The U.S. Copyright Office has joined the list of parties expressing concerns with FCC Chairman Tom Wheeler’s plan to loosen the grip cable and satellite TV providers have on the leased set-top box market.
In a letter to four U.S. lawmakers, the Copyright Office voiced concerns that the FCC’s proposed rules to open up the pay-TV set-top market to third-party vendors like Apple and Google would interfere with programming deals and lessen copyright holders’ ability to properly license their content.
The Copyright Office said it was “hopeful that the FCC will refine its approach as necessary to avoid conflicts with copyright law and authors’ interests under that law,” according to a Wall Street Journal report.
In response to the Copyright Office’s letter, Public Knowledge Senior Staff Attorney John Bergmayer issued a strong rebuttal and point out the letter’s “many inaccuracies” like improperly referring to CableCARD as a “hard-wired” technology. Bergmayer also questioned the Copyright Office’s service to consumers and pointed out its apparent failure to address the Congressional mandate to increase competition in the set-top market.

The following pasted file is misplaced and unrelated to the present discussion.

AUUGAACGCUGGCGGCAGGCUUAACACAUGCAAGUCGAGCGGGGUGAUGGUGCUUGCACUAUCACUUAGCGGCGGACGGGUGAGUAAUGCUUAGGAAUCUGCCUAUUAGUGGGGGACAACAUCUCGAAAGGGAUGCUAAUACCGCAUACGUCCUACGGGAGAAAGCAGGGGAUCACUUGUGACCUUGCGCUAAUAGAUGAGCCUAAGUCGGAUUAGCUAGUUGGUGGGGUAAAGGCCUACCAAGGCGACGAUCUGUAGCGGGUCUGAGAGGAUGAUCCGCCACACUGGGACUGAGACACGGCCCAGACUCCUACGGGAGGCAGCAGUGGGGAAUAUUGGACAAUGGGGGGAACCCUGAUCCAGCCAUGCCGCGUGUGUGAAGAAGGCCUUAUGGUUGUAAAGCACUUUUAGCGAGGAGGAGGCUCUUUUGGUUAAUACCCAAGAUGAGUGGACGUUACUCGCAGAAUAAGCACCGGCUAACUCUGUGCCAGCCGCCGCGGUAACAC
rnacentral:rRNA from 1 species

“Under the Copyright Office's analysis, the interests of consumers are irrelevant, and fair use is an obstacle to be overcome. This letter is another example of how the Copyright Office has become dedicated to the interests of some copyright holders -- as opposed to providing an accurate interpretation of copyright law,” Bergmayer wrote. “It is strange that such a detailed legal analysis, provided at the request of some members of Congress, fails to address the FCC's statutory mandate. Congress already told the FCC to promote set-top box competition. Copyright licensing negotiations take place against a backdrop of laws passed by Congress and implemented by agencies like the FCC -- they are not a means for cable or programming companies to bypass the Communications Act.”
As proponents of the proposed “Unlock the Box” rules continue to push back against opposition, more lawmakers are joining the chorus of detractors calling for the FCC to drastically alter or abandon the proposal.
Last week, U.S. House of Representatives Majority Whip Steve Scalise (R-La.) said the proposal is “deeply flawed and should be abandoned.” Scalise’s comments came a day after Sen. Deb Fischer (R-Neb.) said that “vibrant competition” already exists in the video marketplace and that Wheeler’s proposal would only serve to create new problems, particularly for smaller providers.
- read this Wall Street Journal article